Afghanistan: Its Past, Present, and Possible Future.


Afghanistan: Its Past, Present, and Possible Future.

Table of Contents

History is a Great Teacher 1

Now, In Afghanistan. 3

The Chaotic Evacuation. 4

The 20-Year War On Terror in Afghanistan is Over –  Al-Qaeda Survives. 6

The Cost of War 8

The Positive Change. 10

If You Break It, You Fix It 11

Diplomatic Manoeuvres. 13

Forced Migration. 15

Oil and Natural Gas – The Real Interest 16

Where is The Arab League?. 18

Hope for the Future. 20

History is a Great Teacher – Issue 1 0f 9

After 20 years of war with the US and the NATO Forces, Afghanistan has again defeated more great world powers.  Due to its strategic location and other natural resources, Afghanistan has been a target for occupation by foreign powers.  From 1839 to 1919, Great Britain, an imperialistic empire, invaded many countries for power, control, and wealth. While Britain occupied the country of India, it also wanted Afghanistan.  With its British and Indian troops, it invaded Afghanistan three times, 1839-1842, 1878-1880, and 1919.  The British invasions were called the Anglo-Afghan Wars and also the Afghan Wars.  These three horrific conflicts damaged much in Afghanistan, but the highly diverse population of the war-torn country unified despite their differences and defeated Great Britain.  Also, after a one-month-long war in 1919, the Afghans gained the right to conduct their own foreign affairs.

History is a great teacher.  In 1875, Russian influence was growing in Afghanistan and Britain thought it could counteract it with force and was defeated by the Afghans.  From 1919 to 1978, the Soviet Union and Afghanistan had a special relationship.  Afghanistan became one of the first states to recognize the Soviet government.  Russian officials did not learn from this history and Russia, then the Soviet Union invaded Afghanistan in late December of 1979.  Its reason for the invasion was to support the Afghan communist government in its conflict with the anti-government Muslim guerrillas during the Afghan War (1978-92).  The Russian troops remained in Afghanistan until mid-February of 1989.  Russia failed to execute a sympathetic regime in Afghanistan.  Russia was defeated by the Afghans and signed an accord with the United States of America, Pakistan, and Afghanistan.  Russia, the powerful Soviet Union in decline, agreed to withdraw its troops, on February 15, 1989.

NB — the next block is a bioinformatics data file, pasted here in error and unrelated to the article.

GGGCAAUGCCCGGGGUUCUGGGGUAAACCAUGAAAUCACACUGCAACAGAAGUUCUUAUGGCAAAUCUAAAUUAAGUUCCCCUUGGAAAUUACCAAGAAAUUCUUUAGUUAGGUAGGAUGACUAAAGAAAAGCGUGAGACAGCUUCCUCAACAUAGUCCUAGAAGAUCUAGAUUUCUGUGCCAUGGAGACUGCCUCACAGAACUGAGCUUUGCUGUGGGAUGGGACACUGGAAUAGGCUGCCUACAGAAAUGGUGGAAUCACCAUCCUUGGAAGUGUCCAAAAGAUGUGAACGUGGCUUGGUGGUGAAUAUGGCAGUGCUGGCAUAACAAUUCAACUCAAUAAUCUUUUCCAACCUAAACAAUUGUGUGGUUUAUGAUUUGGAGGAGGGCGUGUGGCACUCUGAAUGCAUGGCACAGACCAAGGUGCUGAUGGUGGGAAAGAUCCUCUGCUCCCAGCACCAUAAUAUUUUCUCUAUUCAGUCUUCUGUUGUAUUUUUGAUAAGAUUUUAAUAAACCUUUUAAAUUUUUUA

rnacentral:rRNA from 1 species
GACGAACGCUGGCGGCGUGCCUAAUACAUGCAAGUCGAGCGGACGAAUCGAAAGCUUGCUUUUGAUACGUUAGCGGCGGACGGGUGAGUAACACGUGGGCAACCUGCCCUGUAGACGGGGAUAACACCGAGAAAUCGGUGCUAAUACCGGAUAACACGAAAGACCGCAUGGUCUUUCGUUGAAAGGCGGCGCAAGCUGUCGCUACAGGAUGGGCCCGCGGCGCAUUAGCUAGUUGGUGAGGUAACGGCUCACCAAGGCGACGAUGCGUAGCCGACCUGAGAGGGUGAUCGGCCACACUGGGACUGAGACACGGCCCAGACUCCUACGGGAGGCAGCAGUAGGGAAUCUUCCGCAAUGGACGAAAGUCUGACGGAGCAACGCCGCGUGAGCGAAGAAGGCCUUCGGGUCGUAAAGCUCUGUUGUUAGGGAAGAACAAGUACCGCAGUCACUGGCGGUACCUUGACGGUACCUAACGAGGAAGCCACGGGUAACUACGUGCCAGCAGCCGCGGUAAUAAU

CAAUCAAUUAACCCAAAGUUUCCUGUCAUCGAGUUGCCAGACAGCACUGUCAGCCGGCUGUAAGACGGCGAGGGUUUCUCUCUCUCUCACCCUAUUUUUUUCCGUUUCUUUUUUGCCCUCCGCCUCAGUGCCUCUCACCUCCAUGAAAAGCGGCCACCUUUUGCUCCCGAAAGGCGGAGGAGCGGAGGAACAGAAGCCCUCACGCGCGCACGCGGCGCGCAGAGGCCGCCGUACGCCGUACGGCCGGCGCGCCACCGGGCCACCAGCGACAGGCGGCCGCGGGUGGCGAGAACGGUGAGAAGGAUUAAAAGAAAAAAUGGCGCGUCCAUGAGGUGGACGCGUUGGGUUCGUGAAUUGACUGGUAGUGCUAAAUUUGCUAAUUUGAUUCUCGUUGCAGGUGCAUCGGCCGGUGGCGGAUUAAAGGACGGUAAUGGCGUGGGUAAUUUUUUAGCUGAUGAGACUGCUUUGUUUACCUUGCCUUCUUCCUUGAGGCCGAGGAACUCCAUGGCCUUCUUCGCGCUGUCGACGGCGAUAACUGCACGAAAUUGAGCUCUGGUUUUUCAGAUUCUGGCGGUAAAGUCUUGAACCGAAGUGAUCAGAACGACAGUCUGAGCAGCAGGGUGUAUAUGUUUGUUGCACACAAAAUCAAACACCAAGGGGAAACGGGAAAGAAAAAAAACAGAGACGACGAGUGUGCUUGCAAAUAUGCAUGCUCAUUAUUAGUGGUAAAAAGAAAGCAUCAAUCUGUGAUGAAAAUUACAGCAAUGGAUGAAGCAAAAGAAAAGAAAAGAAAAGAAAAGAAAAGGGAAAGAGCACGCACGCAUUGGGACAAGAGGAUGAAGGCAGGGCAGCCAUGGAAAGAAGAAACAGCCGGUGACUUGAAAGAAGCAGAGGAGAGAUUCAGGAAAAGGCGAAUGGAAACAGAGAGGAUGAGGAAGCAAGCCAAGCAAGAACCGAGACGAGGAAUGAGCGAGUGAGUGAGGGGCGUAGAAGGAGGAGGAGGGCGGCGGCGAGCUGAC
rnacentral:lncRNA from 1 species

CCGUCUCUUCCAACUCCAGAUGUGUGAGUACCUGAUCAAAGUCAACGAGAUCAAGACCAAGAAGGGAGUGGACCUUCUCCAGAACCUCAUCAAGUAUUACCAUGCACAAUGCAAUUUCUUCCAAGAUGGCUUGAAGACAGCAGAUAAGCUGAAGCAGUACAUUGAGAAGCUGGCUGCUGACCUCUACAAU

The Development Team

Principal Investigator: Theresa Delsoin (USA)

Content Writer: Theresa Delsoin

Sub-editor: Lunga Dweba (RSA)

Project Coordinator: Nobuhle Thobela (ZW)

GI ADVISORY                                     

Defusing conflict with intellect


  1. syga robinson - September 17, 2021 Reply

    Beautifully spoken

  2. Wendell Holder - September 20, 2021 Reply

    First America didn’t lose the war against the Afghanistan army they were defeated within months, now if you want to count the gorilla tactics as war then you might believe the war was lost. If a occupying army seized the capital changed the government and set up post they out the country that doesn’t sound like a loss to me. The Afghan army waited in the mountains and hid in caves after the were defeated. I only see two possible ways to defeat that deploy 100k soldiers to the mountains and force them out but hundreds of casualties. Or play the waiting game which would take a minimum of 50yrs and trillions of dollars and sinking public support.

    • admin - September 20, 2021 Reply

      Thank you for taking the time to leave a comment.

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